Samuel Adams: A Life

Samuel Adams: A Life

Ira Stoll does not appear to be a fawning admirer of Sam Adams, nor does he have a political axe to grind.

Rather, Stoll seems academically curious about Adams: as he writes in the introduction, "This will be a book about who Samuel Adams was, why he is forgotten, why he should be remembered." If we remember Samuel Adams at all we think not so much of him as of the beer named after him. And if we think of Adams the founding father, we are more likely thinking of his cousin John Adams.

Stoll relies on the writings of Samuel Adams himself and what others wrote about him to tell most of the story of Adams' life. It is mostly a public life: Samuel Adams wrote seemingly non-stop and represented the people of Boston and, later, Massachusetts, as councilman, representative to the Continental Congress and eventually Governor. There are some details about his family and his family life but not really very much. There is also some description of the flow of events but the focus is on Adams himself: who he was and what he wrote. Stoll executes the "who he was" part of his mission well.

The second part of Stol's self-appointed task is to answer the question of why he seems to be forgotten. That is really a hard question to answer because in a sense he has never been forgotten; On the other hand, we have forgotten most of the details of who he was. We may remember that the object of the British at Lexington and Concord was the seizure of the military stores‚ but the bigger object was the capture of John Hancock and Sam Adams. Why was Adams thought so dangerous? That's what we need to remember.

Here is how Stoll sums up Adams' relevance today:

We can see Samuel Adams today when we see Americans for whom religion is central to their lives. We can see him when we encounter Americans who have higher values than material possessions. We can see him when we see what leaders and individuals around the world endure.

In exposing the historical Sam Adams, Stoll also exposes the lies about the Founding Fathers that have been told by liberals for decades. One is that the Founders uniformly tolerated and even supported slavery. Writes Stoll,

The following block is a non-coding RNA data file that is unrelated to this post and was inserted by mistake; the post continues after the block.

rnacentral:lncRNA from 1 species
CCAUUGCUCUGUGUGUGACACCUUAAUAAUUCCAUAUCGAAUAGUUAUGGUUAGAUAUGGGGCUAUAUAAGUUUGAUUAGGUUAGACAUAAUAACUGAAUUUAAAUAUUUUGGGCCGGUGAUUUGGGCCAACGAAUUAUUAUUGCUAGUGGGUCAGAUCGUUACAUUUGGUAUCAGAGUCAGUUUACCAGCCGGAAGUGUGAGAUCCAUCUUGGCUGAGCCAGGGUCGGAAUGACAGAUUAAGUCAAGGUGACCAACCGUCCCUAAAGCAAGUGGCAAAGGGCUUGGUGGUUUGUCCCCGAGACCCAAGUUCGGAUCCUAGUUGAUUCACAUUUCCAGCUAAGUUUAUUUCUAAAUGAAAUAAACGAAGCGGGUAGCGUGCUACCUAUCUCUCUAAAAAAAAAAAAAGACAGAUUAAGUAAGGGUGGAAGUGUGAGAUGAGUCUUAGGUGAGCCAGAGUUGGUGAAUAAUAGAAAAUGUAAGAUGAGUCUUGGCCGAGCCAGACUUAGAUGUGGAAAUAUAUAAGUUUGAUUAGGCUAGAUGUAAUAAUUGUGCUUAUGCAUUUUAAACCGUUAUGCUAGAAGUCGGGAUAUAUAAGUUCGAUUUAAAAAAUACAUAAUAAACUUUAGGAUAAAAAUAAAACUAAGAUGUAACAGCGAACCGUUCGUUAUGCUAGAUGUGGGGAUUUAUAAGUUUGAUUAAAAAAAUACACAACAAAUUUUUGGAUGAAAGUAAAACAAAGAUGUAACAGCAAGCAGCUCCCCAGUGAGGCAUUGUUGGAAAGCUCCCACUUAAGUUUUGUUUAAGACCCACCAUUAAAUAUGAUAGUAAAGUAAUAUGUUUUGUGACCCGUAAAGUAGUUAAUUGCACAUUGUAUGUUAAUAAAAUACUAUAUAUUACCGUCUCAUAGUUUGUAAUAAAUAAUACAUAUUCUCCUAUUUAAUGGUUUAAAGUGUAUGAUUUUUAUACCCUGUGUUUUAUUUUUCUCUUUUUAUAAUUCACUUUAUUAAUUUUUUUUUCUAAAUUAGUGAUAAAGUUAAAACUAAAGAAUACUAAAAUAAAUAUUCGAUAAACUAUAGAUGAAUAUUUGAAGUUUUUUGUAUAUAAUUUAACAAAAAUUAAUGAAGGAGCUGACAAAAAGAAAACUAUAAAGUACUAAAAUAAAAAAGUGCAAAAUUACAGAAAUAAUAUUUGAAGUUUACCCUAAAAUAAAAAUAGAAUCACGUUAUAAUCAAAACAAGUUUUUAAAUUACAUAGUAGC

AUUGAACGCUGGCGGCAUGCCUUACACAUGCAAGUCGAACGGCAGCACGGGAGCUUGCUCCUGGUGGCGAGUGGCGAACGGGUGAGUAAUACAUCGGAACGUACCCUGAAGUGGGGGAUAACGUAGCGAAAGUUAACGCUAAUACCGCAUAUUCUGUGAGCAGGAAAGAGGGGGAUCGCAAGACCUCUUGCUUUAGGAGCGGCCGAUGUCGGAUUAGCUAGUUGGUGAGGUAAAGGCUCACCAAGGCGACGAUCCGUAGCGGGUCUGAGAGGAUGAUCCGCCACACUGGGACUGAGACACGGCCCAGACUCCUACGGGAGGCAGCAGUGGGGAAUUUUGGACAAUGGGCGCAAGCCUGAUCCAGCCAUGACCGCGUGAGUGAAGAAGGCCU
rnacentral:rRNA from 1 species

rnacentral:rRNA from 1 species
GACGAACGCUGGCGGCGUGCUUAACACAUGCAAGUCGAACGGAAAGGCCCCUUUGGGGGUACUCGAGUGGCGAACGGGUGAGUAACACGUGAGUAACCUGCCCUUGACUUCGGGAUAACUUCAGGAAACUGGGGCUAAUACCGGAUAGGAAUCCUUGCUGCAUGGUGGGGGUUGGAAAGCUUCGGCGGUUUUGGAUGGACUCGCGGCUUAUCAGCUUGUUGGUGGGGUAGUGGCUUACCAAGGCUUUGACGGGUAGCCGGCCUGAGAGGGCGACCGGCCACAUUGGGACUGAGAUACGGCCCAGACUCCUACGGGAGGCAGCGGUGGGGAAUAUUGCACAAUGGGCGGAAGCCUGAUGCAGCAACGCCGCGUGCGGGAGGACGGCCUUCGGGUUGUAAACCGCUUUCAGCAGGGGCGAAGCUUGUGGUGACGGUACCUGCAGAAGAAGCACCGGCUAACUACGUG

"In response to those who lamented that the importation of slaves would continue for twenty years, Adams took a more hopeful view. According to the records of the debates, he 'rejoiced that a door was now to be opened, for the annihilation of this odious, abhorrent practice, in a certain time.'"

In other words, there was a lively debate on the subject at the time and Adams was against slavery, pushing the issue as far as it was possible to do so at the time. James Madison repeats this same sentiment in Federalist 43.

Another lie is that the Founders weren't Christians at all but rather Deists. In fact, writes Stoll, Samuel Adams was "the archetype of the religiously passionate American founder." Adams believed in two things: God and liberty, and he believed that the two things were closely connected to each other.

God, Virtue and Natural rights

Indeed, Adams believed, along with Jefferson, that the Constitution would only work for a moral people. The government need not restrain people who exercise self-restraint. As governor of Massachusetts, Samuel Adams attended an inaugural sermon on each election. Peres Fobes, who gave the election sermon on May 27, 1795, said this:

"Virtue and religion above all are the strongest pillars of government," he said. "May heaven save us from the vortex of deism‚ that old harlot, lately re-baptized by the name of reason."

The next year, Jonathan French said this:

"No form of government yet constructed ever was so congenial to Christianity, as a well regulated Republic," he said. "No religion, ever known, is so conformable to the genius of a free government, as Christianity."

These were sentiments with which Samuel Adams readily agreed. There was no question but that Samuel Adams did not merely support Christian religious belief but also Christian religious practice. Religious virtue was also a civic virtue. Sam Adams, writing in the Boston Gazette as "Valerius Popicola" on Oct 5, 1772, said:

"For wherever Tyranny is establish'd, Immorality of every Kind comes in like a Torrent. It is in the interest of Tyrants to reduce the people to Ignorance and Vice. For they cannot live in any Country where Virtue and Knowledge prevail."

Samuel Adams: A Life by Ira Stoll
Free Press, New York, 2008
ISBN-13: 978-1-4165-9456-7